Fugue is an episode during which individuals leave their usual surroundings unexpectedly and forget essential details about themselves and their lives.
Fugue, more accurately termed fugue state, is a rare psychiatric disorder in which individuals temporarily lose their memory and sense of identity. The English term comes from the Latin word for fleeing or escape.
Fugue episodes were formerly considered a distinctive dissociative disorder but were reclassified by Diagnostic and Statistical Manual of Mental Disorders: DSM-5 in 2013 as a subtype or aspect of dissociative amnesia. Dissociative disorders in general are syndromes in which individuals experience a disruption in memory, consciousness, and/or identity. A fugue state may last from less than a day to several months and is sometimes, but not always, brought on by severe stress or trauma. Fugue states are usually triggered by traumatic and stressful events, such as military combat, abuse, rape, accidents, natural disasters, and extreme violence, although fugue states may not occur immediately after the stressor.
Individuals experiencing a fugue state may exhibit the following symptoms:
The use and abuse of certain medications and such illegal drugs as LSD can also prompt fugue-like episodes. For example, alcohol-dependent patients frequently report alcohol-induced blackouts that mimic the memory loss of the fugue state and sometimes involve unplanned travel. The distinction between a blackout and a fugue state can usually be clarified by taking a thorough history of substance use and abuse.
Dissociative fugue is relatively rare, with a prevalence rate of 0.2% in the general population. The length of a fugue episode is thought to be related to the severity of the stressor or trauma that caused it. The majority of cases appear as single episodes with no recurrence, although there are several cases reported of individuals in the United Kingdom, Australia, and the United States who had recurrent episodes of fugue. In some cases, the individual does not remember events that occurred during the fugue state. In other cases, amnesia related to the traumatic event that triggered the fugue may persist to some degree after the fugue episode has concluded.
Treatment for dissociative fugue should focus on helping the patient come to terms with the traumatic event or stressor that caused the disorder. This can be accomplished through various kinds of interactive therapies that explore the trauma and work on building the patient's coping mechanisms to prevent further recurrence. Some therapists use cognitive therapy, which focuses on changing maladaptive thought patterns. It is based on the principle that maladaptive behavior (in this case, the fugue episode itself) is triggered by inappropriate or irrational thinking patterns. A cognitive therapist will attempt to change these thought patterns (also known as cognitive distortions) by examining the rationality and validity of the assumptions behind them with the patient. In the case of a dissociative fugue brought on by abuse, this may involve therapeutic work that uncovers and invalidates negative self-concepts the patient has (e.g., “I am a bad person, therefore I brought on the abuse myself” ).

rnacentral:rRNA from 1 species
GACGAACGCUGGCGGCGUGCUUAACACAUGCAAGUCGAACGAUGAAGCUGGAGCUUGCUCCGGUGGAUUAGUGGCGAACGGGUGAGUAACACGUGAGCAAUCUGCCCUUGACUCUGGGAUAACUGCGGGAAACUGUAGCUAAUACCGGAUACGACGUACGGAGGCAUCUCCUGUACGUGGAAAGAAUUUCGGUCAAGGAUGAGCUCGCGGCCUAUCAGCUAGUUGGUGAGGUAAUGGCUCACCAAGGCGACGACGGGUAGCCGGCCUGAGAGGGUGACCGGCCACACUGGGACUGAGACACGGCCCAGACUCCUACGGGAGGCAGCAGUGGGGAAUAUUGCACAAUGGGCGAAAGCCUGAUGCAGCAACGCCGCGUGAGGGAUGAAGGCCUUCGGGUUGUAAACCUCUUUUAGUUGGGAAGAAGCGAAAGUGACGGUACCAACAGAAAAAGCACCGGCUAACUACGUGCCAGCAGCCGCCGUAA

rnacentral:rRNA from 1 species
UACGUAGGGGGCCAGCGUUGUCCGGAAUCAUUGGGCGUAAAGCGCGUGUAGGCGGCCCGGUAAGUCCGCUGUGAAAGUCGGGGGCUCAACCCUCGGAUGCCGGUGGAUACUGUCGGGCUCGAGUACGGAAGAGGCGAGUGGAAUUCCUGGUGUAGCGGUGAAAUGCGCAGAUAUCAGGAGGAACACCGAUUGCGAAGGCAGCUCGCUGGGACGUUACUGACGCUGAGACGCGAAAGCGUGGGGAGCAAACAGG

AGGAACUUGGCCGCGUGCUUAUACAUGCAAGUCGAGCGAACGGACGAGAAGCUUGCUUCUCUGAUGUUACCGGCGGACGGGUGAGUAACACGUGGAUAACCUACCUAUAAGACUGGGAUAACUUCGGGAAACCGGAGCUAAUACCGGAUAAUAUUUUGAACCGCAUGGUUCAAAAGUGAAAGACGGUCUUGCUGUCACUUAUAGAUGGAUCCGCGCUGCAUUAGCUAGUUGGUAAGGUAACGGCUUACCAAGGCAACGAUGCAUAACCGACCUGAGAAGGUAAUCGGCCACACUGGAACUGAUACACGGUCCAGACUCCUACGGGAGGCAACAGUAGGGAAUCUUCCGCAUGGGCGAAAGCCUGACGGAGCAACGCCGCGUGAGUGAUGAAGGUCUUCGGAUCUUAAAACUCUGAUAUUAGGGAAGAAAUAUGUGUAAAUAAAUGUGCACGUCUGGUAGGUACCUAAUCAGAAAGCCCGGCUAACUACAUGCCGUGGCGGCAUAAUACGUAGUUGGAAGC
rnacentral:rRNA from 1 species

In some cases, hypnotherapy or hypnosis, may be useful in helping the patient recover lost memories of trauma. Creative therapies (i.e., art therapy, music therapy) are constructive in allowing patients to express and explore thoughts and emotions in safe ways. They also empower patients by encouraging selfdiscovery and a sense of control. Psychodynamically focused therapy may also be used to uncover traumatic events.
Medication may be a useful adjunct, or complementary, treatment for some of the symptoms that patients may be experiencing in relation to the dissociative episode. In some cases, antidepressant or antianxiety medication may be prescribed.
Group therapy, either therapist/counselor-led or in self-help format, can be helpful in providing an ongoing support network for patients. It also provides patients with opportunities to gain self-confidence and interact with peers in a positive way. Family therapy sessions may also be part of the treatment regime, both in exploring the trauma that caused the fugue episode and in educating the rest of the family about the dissociative disorder and the causes behind it.
See also Abuse; Amnesia ; Post-traumatic stress disorder (PTSD) .
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American Psychiatric Association, 1000 Wilson Blvd., Ste. 1825, Arlington, VA, 22209, (703) 907-7300, (888) 3577924, firstname.lastname@example.org, http://psychiatry.org .
International Society for the Study of Trauma and Dissociation, 8400 Westpark Dr., 2nd Fl., McLean, VA, 22102, (703) 610-9037, Fax: (703) 610-0234, email@example.com, http://www.isst-d.org .
National Alliance on Mental Health (NAMI), 3803 N. Fairfax Dr., Ste 100, Arlington, VA, 22203, (703) 5247600, (800) 950-6264, Fax: (703) 524-9094, http://www.nami.org .